“Lindsay Lou and the Flatbellys bring new life to bluegrass. Outstanding vocals along with exceptional musical chops will keep you wanting more.” — Dave Bruzza of Greensky Bluegrass
“Lindsay Lou and the Flatbellys are a fresh new voice in modern bluegrass, with driving instrumentals and a straight-from-the-still quality to Lindsay's voice...If you're a fan of broad-based bluegrass with a strong infusion of creativity and intelligence, Lindsay Lou and the Flatbellys is a band you definitely need to check out.” — Bluegrass Unlimited
“Lindsay & the Flatbellys were AWESOME. I had so much fun last night. Next time they are in town or passing through PLEASE let me know. I love their sound loved their show just simply WOW.” — Michelle Lee, On The Bluegrass Borderline
“Lindsay Lou and the Flatbellys and I (as well as 40,00 listeners) had a splendid afternoon on KPFA yesterday. What an amazing singer - bluesy, blowsy, provocative, a rich smoky alto. I can't say enough about her totally unique and entertaining style.” — Ray Edlund, KPFA
“Sometimes, the vocalist's prowess is enough to elevate a band from the ranks of their contemporaries. But it's not just Lindsay Lou's vocals that will make Release Your Shrouds the latest addition to your music collection. The tight-knit lyrics and infectious joy in The Flatbellys' songs will make you stop whatever you're doing and cock an ear. The band's skill is breath-taking, and it's obvious through their playing that there is nothing they'd rather do more than come together and make music.” — Rachel, Adobe and Teardrops
“This is a very unique band, part of the leading edge of the revival and revolution in acoustic music..Imagine hearing Bill Monroe and Earl Scruggs for the first time after years and years of clawhammer banjo at barn dances. In come these two guys in hats and ties and set the barn on fire. You fall backwards off the hay bale and can barely breathe... Lindsay Lou & The Flatbellys are kinda' like that the first time you hear them.” — John Hart, New Folk Radio
“Lindsay really puts her heart into what she sings and how! She sings the way you would want to if'n you could. Phrasing, tone, emotion, it's all there. Effortless seemingly. Simply mesmerizing. Riveting! Don't miss the musical force that is Lindsay Lou.” — David Grier
“Lindsay Lou & the Flatbellys - an intersection of sparkly new songs and robust instrumental licks, with a nod to the roots of tradition. Great music from great people! Go see them as soon as possible.” — Jeff Rose, Detour Bluegrass
“Lindsay Lou and the Flatbellys are an ideal festival band. They can rock the stages with their heartfelt, rootsy sound and offer wonderful workshops as well as invigorate campground and campfire song circles. At the Earthwork Harvest Gathering this year, they were a favorite of the attendees because of their fantastic performances, and they were also a favorite of the festival organizers because they pitched in with volunteer work and spread music and good cheer the whole time they were here.” — Seth Bernard, Earthwork Music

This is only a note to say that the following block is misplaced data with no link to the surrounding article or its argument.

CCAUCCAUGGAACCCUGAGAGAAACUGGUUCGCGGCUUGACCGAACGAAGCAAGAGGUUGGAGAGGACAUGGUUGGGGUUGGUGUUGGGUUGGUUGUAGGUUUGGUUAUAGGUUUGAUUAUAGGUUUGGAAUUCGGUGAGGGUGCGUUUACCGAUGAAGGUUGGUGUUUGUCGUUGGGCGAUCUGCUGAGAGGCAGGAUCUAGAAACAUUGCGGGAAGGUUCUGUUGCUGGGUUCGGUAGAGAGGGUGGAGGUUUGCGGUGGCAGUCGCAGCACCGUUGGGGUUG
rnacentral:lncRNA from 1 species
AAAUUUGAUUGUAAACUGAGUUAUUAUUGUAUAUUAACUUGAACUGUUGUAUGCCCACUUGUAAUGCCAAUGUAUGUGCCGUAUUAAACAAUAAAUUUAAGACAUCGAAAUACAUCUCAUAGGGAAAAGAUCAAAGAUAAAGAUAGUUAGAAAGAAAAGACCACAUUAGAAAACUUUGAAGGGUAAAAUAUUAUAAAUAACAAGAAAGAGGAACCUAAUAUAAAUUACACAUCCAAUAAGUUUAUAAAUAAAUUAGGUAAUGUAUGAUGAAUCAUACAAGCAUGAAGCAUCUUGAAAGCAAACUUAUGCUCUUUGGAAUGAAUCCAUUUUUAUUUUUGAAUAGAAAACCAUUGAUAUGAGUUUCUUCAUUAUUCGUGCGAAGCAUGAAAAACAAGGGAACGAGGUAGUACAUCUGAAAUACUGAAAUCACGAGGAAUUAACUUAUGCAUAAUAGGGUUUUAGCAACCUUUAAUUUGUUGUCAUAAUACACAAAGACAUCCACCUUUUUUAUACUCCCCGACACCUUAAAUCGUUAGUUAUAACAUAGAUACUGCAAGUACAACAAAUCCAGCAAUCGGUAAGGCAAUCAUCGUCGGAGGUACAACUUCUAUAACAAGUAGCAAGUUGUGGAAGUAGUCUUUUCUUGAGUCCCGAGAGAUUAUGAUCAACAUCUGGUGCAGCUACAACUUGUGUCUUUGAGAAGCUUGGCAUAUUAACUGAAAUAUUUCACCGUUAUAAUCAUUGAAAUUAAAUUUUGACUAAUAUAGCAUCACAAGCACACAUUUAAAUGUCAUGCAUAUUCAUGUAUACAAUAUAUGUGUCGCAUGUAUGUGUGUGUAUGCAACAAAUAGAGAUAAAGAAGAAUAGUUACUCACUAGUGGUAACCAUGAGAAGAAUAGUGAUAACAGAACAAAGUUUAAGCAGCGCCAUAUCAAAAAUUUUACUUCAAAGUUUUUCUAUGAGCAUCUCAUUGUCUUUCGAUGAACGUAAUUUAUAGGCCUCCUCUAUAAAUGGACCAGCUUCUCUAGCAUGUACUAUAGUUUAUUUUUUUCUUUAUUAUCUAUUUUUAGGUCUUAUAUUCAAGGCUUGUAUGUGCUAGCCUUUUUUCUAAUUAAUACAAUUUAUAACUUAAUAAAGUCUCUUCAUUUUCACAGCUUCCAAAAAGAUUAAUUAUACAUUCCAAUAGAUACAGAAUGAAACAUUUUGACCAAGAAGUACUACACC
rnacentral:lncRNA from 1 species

“Lindsay Lou & the Flatbellys have jumped into the forefront of today's progressive roots music movement.” — Devon Leger, Prescription Bluegrass
“The tight-knit lyrics and infectious joy in the Flatbellys' songs will make you stop whatever you're doing and cock an ear.” — Adobe and Teardrops music blog
“...pretty much irresistible, and while that's partly because of the high-spirited virtuosity of the pickers, most of the credit goes to the irrepressible Lindsay Rilko, whose singing manages to be simultaneously gentle and vivacious, rootsy and swinging. Bluegrass is the touchstone genre here, but Rilko and her cohorts veer off cheerfully into swing and rockabilly as well. This one is guaranteed to leave a smile on your face.” — CD Hotlist
Words can barely describe how very impressed and thoroughly entertained we all were! Had a really good turnout and they had us riveted to our seats.” — Betty Trowbridge, Black Hawk Folk Society
Lindsay Lou && the Flatbellys' “music, whilst steeped in American roots has a contemporary twist that brings brightness and originality to their sound. Familiar threads of swing jazz, pre-war American music and progressive bluegrass are at the core but with this they bring a sophistication to their arrangements that make them so ear catching.” — Folk Rado UK
“If you are looking for ancient and soulful tones with a modern rootsy twist, that is exactly what you'll find when listening to Lindsay Lou & the Flatbellys. Putting on their CD it reminds me of listening to an old 45 RPM. Each song is unique, entertaining, and flows easily into the listener's ears. Lindsay and the boys will surely win your heart!” — Caroline Colie, Acoustic Trail